Friday, August 21, 2009

Should I write this?

catharsis--noun, plural.
1. the purging of the emotions or relieving of emotional tensions, esp. through certain kinds of art, as tragedy or music.

trite--adjective.
1. lacking in freshness or effectiveness because of constant use or excessive repetition; hackneyed; stale: beginning an essay or blog post with a definition is ridiculously trite.

I am so going against my own writing rules when I begin this post with a definition. Apologies, young scholars who were verbally beaten into submission and the omission of their beloved hackneyed openers like the definition-starter and the "have you ever?" hook. This is blog land, and I reign queen. I break rules like a four year old breaks crayons.

Tonight I am sad, and no it doesn't have a thing to do with the fact that I'm fully in the middle of a visit from AF (look it up if you're a girl, avoid it if you're a boy) and my hormones are what some might delicately deem "raging." (Another euphemism I enjoy: I've checked into the Red Roof Inn... is that gross?) I prefer to think of it as a heightened emotional state. My circumstances warrant the catharsis anyway, no matter what time of the month, so here we are.

E is out with his friends tonight, and I am sad, lonely, and upset about it. I'm not as upset about the fact that he's out as I am that I can't make him understand exactly why I am upset. I can't tell him what I need and in turn he can't fix it which is all he wants to do in his I'm-a-guy-and-I-love-you-so-tell-me-what-to-fix way. I'm sure you thought that since I hadn't posted something scandalous and gut-wrenching in a few weeks, E and I had decided to stop bickering and view the world through rosy glasses with hands held and hearts united. Yeah, that describes us perfectly. We're all about rainbows and lollipops and blissful union here.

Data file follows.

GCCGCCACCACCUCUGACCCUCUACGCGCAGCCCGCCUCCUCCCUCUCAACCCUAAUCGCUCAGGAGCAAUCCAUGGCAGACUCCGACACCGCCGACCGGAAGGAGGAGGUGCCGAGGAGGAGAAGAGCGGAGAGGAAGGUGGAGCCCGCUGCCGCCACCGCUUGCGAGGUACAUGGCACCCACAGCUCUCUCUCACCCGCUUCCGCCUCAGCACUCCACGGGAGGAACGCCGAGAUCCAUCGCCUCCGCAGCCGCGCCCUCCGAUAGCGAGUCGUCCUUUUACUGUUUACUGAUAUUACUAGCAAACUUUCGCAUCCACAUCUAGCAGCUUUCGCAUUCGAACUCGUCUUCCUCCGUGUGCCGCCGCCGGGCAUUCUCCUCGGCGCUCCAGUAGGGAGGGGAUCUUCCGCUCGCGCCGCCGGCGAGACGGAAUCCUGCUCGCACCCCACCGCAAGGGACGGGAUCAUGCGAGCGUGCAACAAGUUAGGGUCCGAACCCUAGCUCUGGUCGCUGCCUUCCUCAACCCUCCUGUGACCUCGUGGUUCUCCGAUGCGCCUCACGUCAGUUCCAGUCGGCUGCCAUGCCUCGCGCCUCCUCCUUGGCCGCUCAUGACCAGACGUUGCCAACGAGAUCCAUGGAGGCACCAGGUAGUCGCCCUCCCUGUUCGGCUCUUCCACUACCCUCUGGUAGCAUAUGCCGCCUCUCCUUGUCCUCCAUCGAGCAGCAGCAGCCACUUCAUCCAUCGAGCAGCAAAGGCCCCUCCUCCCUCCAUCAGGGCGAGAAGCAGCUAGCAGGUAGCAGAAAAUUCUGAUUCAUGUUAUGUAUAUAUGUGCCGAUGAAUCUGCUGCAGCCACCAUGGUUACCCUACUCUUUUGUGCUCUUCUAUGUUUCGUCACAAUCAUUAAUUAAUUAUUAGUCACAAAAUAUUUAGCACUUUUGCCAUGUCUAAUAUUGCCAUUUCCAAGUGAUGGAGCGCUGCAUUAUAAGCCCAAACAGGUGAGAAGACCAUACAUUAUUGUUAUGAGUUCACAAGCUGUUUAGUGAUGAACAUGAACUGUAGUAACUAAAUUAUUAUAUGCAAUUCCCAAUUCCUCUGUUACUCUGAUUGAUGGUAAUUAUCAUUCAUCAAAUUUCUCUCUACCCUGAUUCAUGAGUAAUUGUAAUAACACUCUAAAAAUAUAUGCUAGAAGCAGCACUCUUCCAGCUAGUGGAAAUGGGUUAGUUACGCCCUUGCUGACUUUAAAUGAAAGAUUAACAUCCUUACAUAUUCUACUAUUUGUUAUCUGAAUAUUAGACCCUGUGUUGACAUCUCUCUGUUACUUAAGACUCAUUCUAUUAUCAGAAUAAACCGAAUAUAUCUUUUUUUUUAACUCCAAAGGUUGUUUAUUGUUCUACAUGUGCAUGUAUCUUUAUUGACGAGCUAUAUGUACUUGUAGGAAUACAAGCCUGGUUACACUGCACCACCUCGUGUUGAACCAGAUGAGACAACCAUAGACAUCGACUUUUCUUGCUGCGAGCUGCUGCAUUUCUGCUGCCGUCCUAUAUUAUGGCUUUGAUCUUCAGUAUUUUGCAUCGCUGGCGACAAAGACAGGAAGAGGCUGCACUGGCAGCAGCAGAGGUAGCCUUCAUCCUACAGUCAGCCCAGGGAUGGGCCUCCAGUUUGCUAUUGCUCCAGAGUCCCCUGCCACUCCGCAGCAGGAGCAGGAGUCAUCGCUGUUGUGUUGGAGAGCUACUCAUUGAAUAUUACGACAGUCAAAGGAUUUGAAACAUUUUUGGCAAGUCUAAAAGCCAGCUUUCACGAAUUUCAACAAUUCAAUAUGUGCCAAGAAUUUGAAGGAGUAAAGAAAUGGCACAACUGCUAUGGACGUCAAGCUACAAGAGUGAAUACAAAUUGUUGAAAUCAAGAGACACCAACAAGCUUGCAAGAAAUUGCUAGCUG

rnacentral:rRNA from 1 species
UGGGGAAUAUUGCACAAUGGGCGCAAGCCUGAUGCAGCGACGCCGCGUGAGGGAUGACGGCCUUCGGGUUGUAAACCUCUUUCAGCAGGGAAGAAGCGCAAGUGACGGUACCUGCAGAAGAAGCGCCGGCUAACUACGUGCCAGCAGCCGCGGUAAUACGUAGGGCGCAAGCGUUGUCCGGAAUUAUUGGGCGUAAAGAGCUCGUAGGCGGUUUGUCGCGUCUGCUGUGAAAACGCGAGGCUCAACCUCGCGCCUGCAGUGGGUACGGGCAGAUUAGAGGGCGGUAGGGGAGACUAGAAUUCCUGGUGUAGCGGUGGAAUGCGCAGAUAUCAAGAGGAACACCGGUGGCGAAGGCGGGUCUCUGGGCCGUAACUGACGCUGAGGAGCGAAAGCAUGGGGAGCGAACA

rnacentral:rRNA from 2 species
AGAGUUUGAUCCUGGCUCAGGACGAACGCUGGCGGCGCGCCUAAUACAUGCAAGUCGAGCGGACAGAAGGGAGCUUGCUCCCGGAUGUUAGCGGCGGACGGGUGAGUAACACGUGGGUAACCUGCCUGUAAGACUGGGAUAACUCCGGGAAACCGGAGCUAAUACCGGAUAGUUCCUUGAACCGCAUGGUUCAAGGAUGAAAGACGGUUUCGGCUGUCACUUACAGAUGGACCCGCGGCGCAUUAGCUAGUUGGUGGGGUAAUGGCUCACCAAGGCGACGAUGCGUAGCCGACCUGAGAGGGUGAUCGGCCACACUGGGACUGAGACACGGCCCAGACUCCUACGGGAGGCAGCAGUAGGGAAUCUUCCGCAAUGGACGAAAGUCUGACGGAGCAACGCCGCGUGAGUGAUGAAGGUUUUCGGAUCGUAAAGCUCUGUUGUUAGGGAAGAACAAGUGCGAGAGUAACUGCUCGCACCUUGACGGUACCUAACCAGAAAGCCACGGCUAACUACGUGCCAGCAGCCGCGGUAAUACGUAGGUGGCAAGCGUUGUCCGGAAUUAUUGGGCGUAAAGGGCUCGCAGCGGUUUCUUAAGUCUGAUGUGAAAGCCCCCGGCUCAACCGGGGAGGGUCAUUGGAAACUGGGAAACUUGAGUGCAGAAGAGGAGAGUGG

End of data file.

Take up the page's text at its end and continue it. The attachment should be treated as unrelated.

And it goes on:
It's hard to write about the specifics without writing about the specifics, but there are still some very raw hurts in our marriage. As I've said before, a separation--a true one--is exactly that, and you get what you wish for when you ask another person to go away. There's this hole in our history where E lived a separate life, and I was no part of it. Similarly, one could say that the reverse was true, but since I spent most of that six months either crying on the floor somewhere in my house, marching foggy and machine-like through kid duty I now can't remember, or laying in my bed staring out the window at the pine tree in the yard, there wasn't exactly anything he missed out on. I'm not telling it right, because I don't want to--I didn't want to--be a part of the life he lived apart from me, but it hurts me that he lived it apart.

E was out LIVING. While I was home puffy and sobbing and worrying and thinking that nobody was going to love me, ever, he was doing what guys do which is go out into the world. This means going out. To me, everything that is about him not wanting to be with me or about our separation and pain is linked to the idea of being "out." The friends who were so good to him during that time were also the ones who encouraged him to move on, to forget me and our life together. Now we've rebuilt that life and I don't know where to put that information. It's like a knife through whatever sense of confidence I've worked at regaining. It's confusing. It's still hurtful. It's just... yucky. I blame no one, I accept our history for what it was, and I love him so much, yet my emotion about this one thing is so overwhelming, I can barely talk to E about it. I don't want to talk to him about it because I know that I can't even center my thoughts to ask him for or describe anything concrete.